Over the course of 19 days, beginning on the day before Thanksgiving, hackers obtained personally identifiable information, including credit card numbers and security codes, from 40 million shoppers at some 1,800 Target stores in the United States. It was one of the largest, speediest and most sophisticated retail-data thefts ever.

The largest retail data theft was in 2007 at T.J. Maxx and Marshalls (both are owned by The TJX Companies, Inc.). It involved the theft of data from 90 million credit cards over the course of 18 months. The thieves obtained the data by hacking into the company's back-office computer system. In contrast, investigators believe the Target thieves used a technique called "skimming," which required them to implant a small chip or software application into the credit-and debit-card magnetic stripe readers attached to each store's cash registers. Who implanted the chips or software — and how they did it — are the big questions facing investigators.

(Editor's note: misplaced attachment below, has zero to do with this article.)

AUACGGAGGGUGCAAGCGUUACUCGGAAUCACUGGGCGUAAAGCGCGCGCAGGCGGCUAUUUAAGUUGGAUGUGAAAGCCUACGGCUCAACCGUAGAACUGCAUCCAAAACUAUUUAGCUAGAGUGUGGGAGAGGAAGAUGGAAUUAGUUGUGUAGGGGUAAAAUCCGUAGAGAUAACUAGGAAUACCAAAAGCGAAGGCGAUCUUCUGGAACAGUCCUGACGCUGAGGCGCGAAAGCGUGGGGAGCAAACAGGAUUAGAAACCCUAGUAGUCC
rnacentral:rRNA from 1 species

Over the weekend, Target offered its customers a 10% discount in its U.S. stores and free credit monitoring to at-risk customers. That was not nearly enough to keep everyone happy. Target customers already have filed nationwide class-action lawsuits against the company.  State attorneys general are investigating Target to determine when Target realized there was a security issue and how quickly it responded. JPMorgan Chase announced that customers who used its debit cards during the breach period would be limited to daily withdrawals of $100 and daily purchases of $300.

The incident highlights the importance of using physical safeguards to protect customers' personally identifiable information against theft.